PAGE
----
city and sanctuary is described (vv. 26, 27).
Since the same events are described, the period in which
they were to be fulfilled must apply equally to both.
should also be added in witness; the forty-two months John said
the holy city would be trodden under foot by the Gentiles
corresponds with the three and a half years mentioned here.
The war with
all these things shall be finished.
It should be emphasized that “all things
finished” included the resurrection of the souls in Hades and
the general judgment, as shown by verse two.
Christ was to put all enemies beneath his feet.
His triumph over the Jews and Romans was accomplished in
the events beginning with his ascension and ending in A.D. 70.
last enemy was Hadean death.
Christ defeated sin in his cross, but Hades remained to
be destroyed as the final obstacle keeping men from the presence
of God in heaven.
Jesus thus promised that the gates of Hades would not prevail
against his church (Matt. );
Paul, quoting Hosea, exclaimed “O Hades, where is thy victory?”
(I Cor. 15:55;
In Rev. 20:14,
Hades is destroyed at the resurrection.
With the last enemy taken out of the way, at death the
saints now go to be with God in heaven, according to the
teaching of Paul that to be absent from the body is present with
the Lord (II Cor. 5:6-9).
8 – And I heard, but I understood not:
then said I, O my Lord, what shall be the end of these things?
The angel has already declared that the end
of these things would be marked by the fall of
9 – And he said, Go thy way, Daniel: for
the words are closed up and sealed till the time of the end.
To get a sense of how the book was closed
up and sealed, one need only observe the befuddled comprehension
of futurists today, who see in its pages a historical succession
of events until earth’s end.
Prepossessed with ideas of their own imaging, the book is
closed to their understanding.
In the same way, the Jews, prepossessed with the idea
that the Messiah would establish an earthly kingdom setting them
at the apex of world power, missed completely the coming of
Christ and actually murdered the Savior.
10 – Many shall be purified, and made
white, and tried; but the wicked shall do wickedly: and none of
the wicked shall understand; but the wise shall understand.
The ensuing centuries, from the Babylonian
The Continuous Offering for Caesar and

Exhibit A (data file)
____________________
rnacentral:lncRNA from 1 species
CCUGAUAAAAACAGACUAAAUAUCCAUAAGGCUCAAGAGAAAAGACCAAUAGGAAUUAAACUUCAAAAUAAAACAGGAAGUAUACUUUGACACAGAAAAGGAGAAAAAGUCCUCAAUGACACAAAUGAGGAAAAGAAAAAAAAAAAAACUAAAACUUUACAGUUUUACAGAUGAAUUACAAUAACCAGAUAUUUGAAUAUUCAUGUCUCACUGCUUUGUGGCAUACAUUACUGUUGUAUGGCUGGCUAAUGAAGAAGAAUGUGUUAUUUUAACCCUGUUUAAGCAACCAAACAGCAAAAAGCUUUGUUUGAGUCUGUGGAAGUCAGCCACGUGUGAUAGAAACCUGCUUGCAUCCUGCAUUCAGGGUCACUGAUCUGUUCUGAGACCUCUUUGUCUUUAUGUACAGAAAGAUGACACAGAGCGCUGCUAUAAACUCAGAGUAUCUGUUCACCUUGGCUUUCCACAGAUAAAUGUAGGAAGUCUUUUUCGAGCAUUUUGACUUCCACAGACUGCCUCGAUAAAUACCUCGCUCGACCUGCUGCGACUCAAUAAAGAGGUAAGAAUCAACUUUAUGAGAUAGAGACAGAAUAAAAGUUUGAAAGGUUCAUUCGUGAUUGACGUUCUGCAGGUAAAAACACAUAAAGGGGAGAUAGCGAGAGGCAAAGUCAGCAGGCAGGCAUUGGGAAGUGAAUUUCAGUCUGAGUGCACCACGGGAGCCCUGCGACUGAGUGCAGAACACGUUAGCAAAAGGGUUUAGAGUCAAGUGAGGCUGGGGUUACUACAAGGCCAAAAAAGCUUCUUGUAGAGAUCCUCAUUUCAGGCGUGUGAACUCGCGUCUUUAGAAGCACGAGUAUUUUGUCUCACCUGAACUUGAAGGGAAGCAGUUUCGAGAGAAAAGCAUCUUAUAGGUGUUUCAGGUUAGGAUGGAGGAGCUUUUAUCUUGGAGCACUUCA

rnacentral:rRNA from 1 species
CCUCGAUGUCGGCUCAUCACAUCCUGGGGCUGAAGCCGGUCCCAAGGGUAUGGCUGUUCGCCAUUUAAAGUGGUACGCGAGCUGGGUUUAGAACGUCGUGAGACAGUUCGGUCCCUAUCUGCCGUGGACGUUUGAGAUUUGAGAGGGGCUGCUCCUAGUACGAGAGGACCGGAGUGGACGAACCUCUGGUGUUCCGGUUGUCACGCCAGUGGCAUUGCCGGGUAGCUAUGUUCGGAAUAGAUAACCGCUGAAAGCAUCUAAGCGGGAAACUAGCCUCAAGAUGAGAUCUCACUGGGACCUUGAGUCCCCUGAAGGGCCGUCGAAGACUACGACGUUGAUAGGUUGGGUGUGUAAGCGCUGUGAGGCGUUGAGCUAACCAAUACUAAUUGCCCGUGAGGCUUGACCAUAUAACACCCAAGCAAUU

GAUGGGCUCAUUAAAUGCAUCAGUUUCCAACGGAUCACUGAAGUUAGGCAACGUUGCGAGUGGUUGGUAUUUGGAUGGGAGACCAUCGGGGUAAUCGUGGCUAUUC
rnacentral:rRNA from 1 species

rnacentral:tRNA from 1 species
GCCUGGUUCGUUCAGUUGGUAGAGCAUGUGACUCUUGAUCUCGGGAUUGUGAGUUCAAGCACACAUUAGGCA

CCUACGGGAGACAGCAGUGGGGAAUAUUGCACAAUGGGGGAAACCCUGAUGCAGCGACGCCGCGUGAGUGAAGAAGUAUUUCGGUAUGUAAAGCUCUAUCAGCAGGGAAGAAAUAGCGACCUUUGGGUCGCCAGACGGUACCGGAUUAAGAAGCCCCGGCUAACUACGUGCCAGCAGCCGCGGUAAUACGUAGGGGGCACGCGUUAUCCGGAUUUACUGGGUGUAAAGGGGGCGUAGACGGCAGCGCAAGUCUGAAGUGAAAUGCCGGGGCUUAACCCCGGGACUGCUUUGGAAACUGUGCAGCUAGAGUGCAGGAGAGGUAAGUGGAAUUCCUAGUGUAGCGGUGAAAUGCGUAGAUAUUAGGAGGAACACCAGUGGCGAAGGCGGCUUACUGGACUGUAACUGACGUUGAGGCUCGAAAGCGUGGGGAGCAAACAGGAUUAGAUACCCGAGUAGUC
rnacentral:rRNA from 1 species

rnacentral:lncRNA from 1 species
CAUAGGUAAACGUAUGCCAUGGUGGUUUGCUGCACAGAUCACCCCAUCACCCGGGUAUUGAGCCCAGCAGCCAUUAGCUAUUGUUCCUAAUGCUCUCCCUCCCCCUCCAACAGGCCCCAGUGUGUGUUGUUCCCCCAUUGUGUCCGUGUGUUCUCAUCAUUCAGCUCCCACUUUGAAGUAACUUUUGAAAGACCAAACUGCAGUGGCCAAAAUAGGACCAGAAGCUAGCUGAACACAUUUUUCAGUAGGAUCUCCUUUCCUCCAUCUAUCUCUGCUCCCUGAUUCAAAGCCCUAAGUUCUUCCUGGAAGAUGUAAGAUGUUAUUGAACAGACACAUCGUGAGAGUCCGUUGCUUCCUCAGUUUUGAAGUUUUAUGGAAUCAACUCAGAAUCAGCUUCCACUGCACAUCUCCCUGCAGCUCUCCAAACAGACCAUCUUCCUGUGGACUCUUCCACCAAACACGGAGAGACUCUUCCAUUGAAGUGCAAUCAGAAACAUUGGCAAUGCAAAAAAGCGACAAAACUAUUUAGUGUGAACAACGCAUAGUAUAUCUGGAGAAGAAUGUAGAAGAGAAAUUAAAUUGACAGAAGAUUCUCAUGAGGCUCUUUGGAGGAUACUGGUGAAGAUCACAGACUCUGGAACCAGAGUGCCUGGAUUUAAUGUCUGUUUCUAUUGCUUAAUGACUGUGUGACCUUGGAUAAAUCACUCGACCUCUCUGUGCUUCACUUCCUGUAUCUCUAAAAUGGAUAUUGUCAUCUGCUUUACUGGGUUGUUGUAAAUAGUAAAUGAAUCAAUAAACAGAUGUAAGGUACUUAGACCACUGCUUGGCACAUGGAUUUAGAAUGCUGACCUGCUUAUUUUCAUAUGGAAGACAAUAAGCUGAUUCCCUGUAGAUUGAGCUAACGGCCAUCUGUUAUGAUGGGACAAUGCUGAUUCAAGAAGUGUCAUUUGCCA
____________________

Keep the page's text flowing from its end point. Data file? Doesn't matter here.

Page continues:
11, 12 – And from the time that the
daily sacrifice shall be taken away, and abomination that maketh
desolate set up, there shall be a thousand two hundred and
Blessed is he that waiteth, and cometh to the thousand three
hundred and five and thirty days.
There are two basic approaches to these
verses. One holds
that they represent a recapitulation to Antiochus Epiphanes and
his desecration of the temple; the other places them at the fall
According to this view then, the 1290 days were fulfilled in the period from the fifteenth of Casleu 168 B.C. to the cleansing of the temple on the twenty-fifth of Casleu 165 B.C.; and the 1335 days was fulfilled in the supposed death of Antiochus forty-five days later. However, it takes only a cursory glance at these dates to see that they are impossible. The period from the taking away of the sacrifice until the temple was cleansed was only three years and ten days, or thirty-six months. But 1290 days is forty-three months. Hence, there is fully seven months difference between them. Moreover, Antiochus died in the 149th year of the Greeks (164 B.C.), but the temple was cleansed in the 148th (165 B.C.) in the month Casleu, which answers to our December. The Greek new year began in the spring (Nisan/April). Hence, the 149th year of the Greeks would not have begun for three months after cleansing the temple, making impossible to bring Antiochus’ death within the forty-five day window proposed.
As already shown, the abomination of
desolation refers, not to the erection of an idol in the temple,
but to the desolations wrought by invading foreign armies.
(See comments at .) Moses
warned the children of
The Jews’ war with
The next day was the festival Xylophory;
and the following day he gives as the fifteenth of Ab.
Reckoning backward from this date, and assuming four days